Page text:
Welcome to the Fieldhockey.com Archives

Daily Hockey news updated @ 10:00 GMT

News for 12 July 2019

All the news for Friday 12 July 2019

Ready Steady Tokyo 2020 hockey test event scheduled on 17-21 August

Lausanne, Switzerland: The usual “test event” for the 2020 Olympic hockey tournaments will take place in Tokyo on 17-21 August, therefore a little less than a year before the Olympic Games Tokyo 2020 and in similar climatic conditions.

The purpose of this event is to test arrangements that will be in place for next year’s Olympic Games, in particularthe field of play, enhance operational readiness as well as support the training and development of Games-time workforce and volunteers.

Eight teams have been invited to participate in this event. The Men’s as well as the Women’s tournaments will involve four teams each:

-       Men’s: Japan, India, Malaysia, New Zealand
-       Women’s: Japan, Australia, China, India

The tournament will be preceded by an opening ceremony organised by the Tokyo Metropolitan Government to officially launch the event but also inaugurate the brand-new Oi Hockey Stadium, consisting of two pitches, which will remain as a remarkable legacy for Japanese hockey after the Games.

The pitches, with their capacities of 10,000 and 5,000 seats respectively at the Olympics Games, are located in a leafy park in the waterfront area of Tokyo Bay. The cherry blossoms (Sakura) in the park are beautiful in spring, and the stadium itself is less than 30 minutes away from Haneda International Airport.  

Designed to meet the aspirations of the world’s best players, the turf - Poligras Tokyo GT 11-43 EL 10 - is the most environmentally friendly and sustainable hockey turf yet produced by FIH Official Supplier, Polytan. 

The FIH delegation in Tokyo will include FIH President and IOC Member Dr. Narinder Dhruv Batra, FIH CEO Thierry Weil, FIH Executive Board (EB) Member and AHF (Asian Hockey Federation) President Fumio Ogura as well as FIH EB Member, IOC Commission Member and AHF CEO Tayyab Ikram.

The match schedules as well as the list of officials, including the umpires, appointed by FIH for this event are available here (Men’s) and here (Women’s).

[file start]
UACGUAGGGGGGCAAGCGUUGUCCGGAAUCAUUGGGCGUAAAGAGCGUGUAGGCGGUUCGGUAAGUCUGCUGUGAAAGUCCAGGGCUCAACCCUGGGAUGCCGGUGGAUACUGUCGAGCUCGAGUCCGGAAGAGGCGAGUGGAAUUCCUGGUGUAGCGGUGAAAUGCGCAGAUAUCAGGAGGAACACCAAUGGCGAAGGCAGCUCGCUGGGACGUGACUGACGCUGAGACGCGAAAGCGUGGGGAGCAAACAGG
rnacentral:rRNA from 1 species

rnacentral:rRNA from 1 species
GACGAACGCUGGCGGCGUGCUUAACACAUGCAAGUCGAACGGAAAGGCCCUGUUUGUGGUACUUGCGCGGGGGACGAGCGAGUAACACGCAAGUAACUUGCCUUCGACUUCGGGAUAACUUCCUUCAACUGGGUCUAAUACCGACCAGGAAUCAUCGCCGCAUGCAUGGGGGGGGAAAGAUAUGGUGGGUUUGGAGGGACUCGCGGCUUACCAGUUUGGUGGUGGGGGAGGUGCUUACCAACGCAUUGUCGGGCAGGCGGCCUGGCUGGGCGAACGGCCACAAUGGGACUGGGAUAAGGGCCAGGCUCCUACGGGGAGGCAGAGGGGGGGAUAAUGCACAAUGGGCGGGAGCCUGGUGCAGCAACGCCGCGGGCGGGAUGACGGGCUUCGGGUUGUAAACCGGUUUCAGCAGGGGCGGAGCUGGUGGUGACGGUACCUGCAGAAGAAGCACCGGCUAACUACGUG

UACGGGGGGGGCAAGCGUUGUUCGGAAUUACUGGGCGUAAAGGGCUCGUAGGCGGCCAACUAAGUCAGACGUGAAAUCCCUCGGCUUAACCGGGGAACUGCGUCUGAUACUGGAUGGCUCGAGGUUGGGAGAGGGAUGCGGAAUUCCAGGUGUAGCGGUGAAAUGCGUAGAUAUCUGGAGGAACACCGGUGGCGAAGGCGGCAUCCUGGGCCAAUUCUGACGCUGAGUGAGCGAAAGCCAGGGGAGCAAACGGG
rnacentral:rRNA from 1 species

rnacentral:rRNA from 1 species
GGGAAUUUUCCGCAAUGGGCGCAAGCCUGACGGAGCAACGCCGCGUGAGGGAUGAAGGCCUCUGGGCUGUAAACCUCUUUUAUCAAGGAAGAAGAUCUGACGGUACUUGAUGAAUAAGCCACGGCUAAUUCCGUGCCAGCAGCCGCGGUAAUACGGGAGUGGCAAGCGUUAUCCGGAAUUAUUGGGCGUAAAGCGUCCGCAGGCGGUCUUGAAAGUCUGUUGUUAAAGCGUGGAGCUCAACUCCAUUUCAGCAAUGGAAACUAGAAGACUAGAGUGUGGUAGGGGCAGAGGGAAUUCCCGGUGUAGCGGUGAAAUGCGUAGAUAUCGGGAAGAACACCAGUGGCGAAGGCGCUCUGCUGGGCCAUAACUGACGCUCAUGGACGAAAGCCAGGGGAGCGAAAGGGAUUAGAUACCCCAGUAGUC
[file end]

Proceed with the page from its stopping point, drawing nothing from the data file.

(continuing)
To find more information about TOCOG’s “Ready Steady” campaign for the Test Event, please click here.


FIH site

Ireland’s women take on Scotland in three-game hockey series

Sean Dancer takes formal charge of Ireland this weekend as they begin preparations for November’s Olympic qualifiers

Stephen Findlater

Sean Dancer: the Australian takes over the Ireland reins full time this weekend. Photograph: Morgan Treacy/Inpho
Sean Dancer’s long-range preparations for November’s Olympic qualifiers kick into gear this weekend when Ireland’s women take on Scotland in a three-game series in Stormont.

It will be his first games in formal charge of Ireland having worked primarily in a support role at last month’s run to FIH Series Finals silver in Banbridge, working with interim coach Gareth Grundie.

Now the Australian has taken over the reins full time, and has a 22-player panel selected for the series which starts with a behind closed doors tie on Saturday at 7pm, before an open to the public game on Sunday at 4pm. The final tie is scheduled for Tuesday.

Nikki Evans, Yvonne O’Byrne and Emily Beatty all missed out on selection last month, but they come back in alongside Serena Barr, who joins her twin sister Bethany in the line-up. Chloe Brown is not involved this time.

It begins a hectic spell with further games against Italy and Belgium on the agenda, before August’s European Championships in Antwerp.

After that fixtures are on the cards for both September and October, leading into the qualifiers which are set for November 2nd and 3rd provisionally.

Who Ireland play there remains to be seen, but barring some bizarre results in the continental championships they will be at home.

Where that will be will also be confirmed in due course, but members of the panel did train at the relaid pitch in UCD this week. With accompanying upgrades for television purposes also taking place at Belfield, it would likely be the preferred site.

At the moment the potential opponent for the qualifier looks likely to come from a group of China, Korea, USA and Chile.

Five-team group

Elsewhere, the Under-21 European Championships get under way this weekend, with the women in the top tier in Valencia in an expanded five-team group featuring Russia – who they play on Saturday evening (4.45pm, Irish time) – the Netherlands, Spain and France.

Ireland stayed up two years ago by virtue of a cancelled game against the Spaniards whose panel were struck by an infectious virus. It meant no side was relegated, leading to the bigger format, with Dave Passmore’s side needing to finish in the top two of a five-team group to reach the semi-finals.

His side features seven players from the 2017 vintage, while six have senior international caps already.